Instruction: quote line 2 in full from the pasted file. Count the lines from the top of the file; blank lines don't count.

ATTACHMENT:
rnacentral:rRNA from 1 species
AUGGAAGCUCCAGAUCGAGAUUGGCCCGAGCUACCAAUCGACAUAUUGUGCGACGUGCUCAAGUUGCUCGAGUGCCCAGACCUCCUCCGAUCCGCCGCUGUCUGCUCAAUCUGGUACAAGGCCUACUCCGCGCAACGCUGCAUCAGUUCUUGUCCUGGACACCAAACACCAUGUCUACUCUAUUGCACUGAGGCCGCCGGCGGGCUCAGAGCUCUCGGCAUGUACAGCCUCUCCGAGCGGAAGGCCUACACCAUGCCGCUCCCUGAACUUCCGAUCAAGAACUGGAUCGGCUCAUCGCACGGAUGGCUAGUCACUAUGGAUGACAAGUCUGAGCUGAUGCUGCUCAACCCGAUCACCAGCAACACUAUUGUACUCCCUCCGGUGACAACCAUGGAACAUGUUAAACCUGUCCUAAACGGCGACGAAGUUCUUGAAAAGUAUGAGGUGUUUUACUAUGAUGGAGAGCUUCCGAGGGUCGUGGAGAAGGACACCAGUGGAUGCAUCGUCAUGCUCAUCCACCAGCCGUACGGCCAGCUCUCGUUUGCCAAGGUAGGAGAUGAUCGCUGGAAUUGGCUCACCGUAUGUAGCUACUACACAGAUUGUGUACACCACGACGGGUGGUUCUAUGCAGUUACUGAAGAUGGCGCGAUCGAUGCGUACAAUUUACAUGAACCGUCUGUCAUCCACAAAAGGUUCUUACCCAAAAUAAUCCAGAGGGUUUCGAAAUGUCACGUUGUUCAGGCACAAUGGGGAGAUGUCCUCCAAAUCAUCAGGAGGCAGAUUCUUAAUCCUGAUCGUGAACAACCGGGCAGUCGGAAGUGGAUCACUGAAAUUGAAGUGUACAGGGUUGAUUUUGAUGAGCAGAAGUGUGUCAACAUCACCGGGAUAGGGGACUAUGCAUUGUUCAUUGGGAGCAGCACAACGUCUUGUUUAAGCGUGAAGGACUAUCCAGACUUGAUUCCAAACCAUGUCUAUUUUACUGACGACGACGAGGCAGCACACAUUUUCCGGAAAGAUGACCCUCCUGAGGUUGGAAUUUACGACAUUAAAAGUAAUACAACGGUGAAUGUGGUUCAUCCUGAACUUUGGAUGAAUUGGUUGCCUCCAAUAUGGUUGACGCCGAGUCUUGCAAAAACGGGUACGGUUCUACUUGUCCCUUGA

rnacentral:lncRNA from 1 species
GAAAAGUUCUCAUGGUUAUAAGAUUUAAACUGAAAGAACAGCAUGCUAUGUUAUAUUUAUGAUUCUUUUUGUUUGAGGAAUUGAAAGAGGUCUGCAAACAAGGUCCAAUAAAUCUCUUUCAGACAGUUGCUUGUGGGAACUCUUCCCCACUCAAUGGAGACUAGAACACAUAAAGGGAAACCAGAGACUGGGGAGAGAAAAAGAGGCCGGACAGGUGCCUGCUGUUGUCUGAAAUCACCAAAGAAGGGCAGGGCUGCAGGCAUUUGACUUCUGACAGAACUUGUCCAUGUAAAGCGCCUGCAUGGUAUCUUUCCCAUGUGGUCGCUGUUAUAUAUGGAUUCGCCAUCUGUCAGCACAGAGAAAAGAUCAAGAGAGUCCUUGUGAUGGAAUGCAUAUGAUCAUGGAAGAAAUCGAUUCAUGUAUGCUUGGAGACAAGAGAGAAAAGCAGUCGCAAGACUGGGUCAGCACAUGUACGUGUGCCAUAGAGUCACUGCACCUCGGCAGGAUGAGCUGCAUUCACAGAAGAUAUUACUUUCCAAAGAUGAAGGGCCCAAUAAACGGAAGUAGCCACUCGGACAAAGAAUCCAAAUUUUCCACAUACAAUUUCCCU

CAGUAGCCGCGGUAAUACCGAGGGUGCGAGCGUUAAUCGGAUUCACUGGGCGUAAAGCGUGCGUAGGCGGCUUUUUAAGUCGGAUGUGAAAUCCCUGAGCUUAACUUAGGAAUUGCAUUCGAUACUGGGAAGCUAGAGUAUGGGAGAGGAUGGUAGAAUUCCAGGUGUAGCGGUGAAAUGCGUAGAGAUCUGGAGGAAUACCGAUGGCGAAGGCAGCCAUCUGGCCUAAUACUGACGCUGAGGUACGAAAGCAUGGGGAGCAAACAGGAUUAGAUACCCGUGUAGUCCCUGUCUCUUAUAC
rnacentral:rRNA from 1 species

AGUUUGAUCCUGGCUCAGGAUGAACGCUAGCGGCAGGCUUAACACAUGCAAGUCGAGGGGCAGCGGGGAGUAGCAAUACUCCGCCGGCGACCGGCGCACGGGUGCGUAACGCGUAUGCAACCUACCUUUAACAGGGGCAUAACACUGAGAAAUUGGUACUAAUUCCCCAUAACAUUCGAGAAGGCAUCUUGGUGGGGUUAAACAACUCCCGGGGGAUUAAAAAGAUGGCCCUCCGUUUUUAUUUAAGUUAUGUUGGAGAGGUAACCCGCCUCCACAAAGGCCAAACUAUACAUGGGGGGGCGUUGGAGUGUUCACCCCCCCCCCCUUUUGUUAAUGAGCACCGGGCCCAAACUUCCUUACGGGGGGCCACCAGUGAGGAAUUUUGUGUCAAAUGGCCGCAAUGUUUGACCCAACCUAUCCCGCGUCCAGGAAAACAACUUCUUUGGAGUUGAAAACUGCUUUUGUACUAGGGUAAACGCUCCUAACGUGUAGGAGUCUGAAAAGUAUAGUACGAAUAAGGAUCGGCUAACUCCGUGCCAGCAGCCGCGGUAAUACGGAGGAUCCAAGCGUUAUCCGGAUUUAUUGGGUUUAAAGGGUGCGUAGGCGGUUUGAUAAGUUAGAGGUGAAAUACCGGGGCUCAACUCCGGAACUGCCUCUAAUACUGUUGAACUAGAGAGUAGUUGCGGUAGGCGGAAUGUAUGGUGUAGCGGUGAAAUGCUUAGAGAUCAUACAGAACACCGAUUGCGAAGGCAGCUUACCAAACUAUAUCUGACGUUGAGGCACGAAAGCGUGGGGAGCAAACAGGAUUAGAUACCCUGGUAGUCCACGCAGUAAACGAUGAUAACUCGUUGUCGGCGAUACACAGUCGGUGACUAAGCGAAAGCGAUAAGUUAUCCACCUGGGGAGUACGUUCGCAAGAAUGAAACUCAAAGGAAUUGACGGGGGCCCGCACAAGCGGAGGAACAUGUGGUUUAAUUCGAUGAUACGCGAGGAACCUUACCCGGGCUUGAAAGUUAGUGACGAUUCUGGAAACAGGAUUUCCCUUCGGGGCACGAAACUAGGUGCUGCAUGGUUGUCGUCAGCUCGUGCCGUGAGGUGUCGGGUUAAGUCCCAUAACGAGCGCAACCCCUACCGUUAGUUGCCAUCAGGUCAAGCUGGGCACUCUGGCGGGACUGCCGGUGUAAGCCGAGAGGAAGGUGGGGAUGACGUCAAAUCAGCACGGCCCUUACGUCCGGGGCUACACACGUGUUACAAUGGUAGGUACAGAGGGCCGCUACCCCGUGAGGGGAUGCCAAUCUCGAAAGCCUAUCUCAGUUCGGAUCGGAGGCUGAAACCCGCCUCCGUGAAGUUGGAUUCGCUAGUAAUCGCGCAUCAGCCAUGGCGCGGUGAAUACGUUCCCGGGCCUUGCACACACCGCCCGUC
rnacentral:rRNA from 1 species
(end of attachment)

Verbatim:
AUGGAAGCUCCAGAUCGAGAUUGGCCCGAGCUACCAAUCGACAUAUUGUGCGACGUGCUCAAGUUGCUCGAGUGCCCAGACCUCCUCCGAUCCGCCGCUGUCUGCUCAAUCUGGUACAAGGCCUACUCCGCGCAACGCUGCAUCAGUUCUUGUCCUGGACACCAAACACCAUGUCUACUCUAUUGCACUGAGGCCGCCGGCGGGCUCAGAGCUCUCGGCAUGUACAGCCUCUCCGAGCGGAAGGCCUACACCAUGCCGCUCCCUGAACUUCCGAUCAAGAACUGGAUCGGCUCAUCGCACGGAUGGCUAGUCACUAUGGAUGACAAGUCUGAGCUGAUGCUGCUCAACCCGAUCACCAGCAACACUAUUGUACUCCCUCCGGUGACAACCAUGGAACAUGUUAAACCUGUCCUAAACGGCGACGAAGUUCUUGAAAAGUAUGAGGUGUUUUACUAUGAUGGAGAGCUUCCGAGGGUCGUGGAGAAGGACACCAGUGGAUGCAUCGUCAUGCUCAUCCACCAGCCGUACGGCCAGCUCUCGUUUGCCAAGGUAGGAGAUGAUCGCUGGAAUUGGCUCACCGUAUGUAGCUACUACACAGAUUGUGUACACCACGACGGGUGGUUCUAUGCAGUUACUGAAGAUGGCGCGAUCGAUGCGUACAAUUUACAUGAACCGUCUGUCAUCCACAAAAGGUUCUUACCCAAAAUAAUCCAGAGGGUUUCGAAAUGUCACGUUGUUCAGGCACAAUGGGGAGAUGUCCUCCAAAUCAUCAGGAGGCAGAUUCUUAAUCCUGAUCGUGAACAACCGGGCAGUCGGAAGUGGAUCACUGAAAUUGAAGUGUACAGGGUUGAUUUUGAUGAGCAGAAGUGUGUCAACAUCACCGGGAUAGGGGACUAUGCAUUGUUCAUUGGGAGCAGCACAACGUCUUGUUUAAGCGUGAAGGACUAUCCAGACUUGAUUCCAAACCAUGUCUAUUUUACUGACGACGACGAGGCAGCACACAUUUUCCGGAAAGAUGACCCUCCUGAGGUUGGAAUUUACGACAUUAAAAGUAAUACAACGGUGAAUGUGGUUCAUCCUGAACUUUGGAUGAAUUGGUUGCCUCCAAUAUGGUUGACGCCGAGUCUUGCAAAAACGGGUACGGUUCUACUUGUCCCUUGA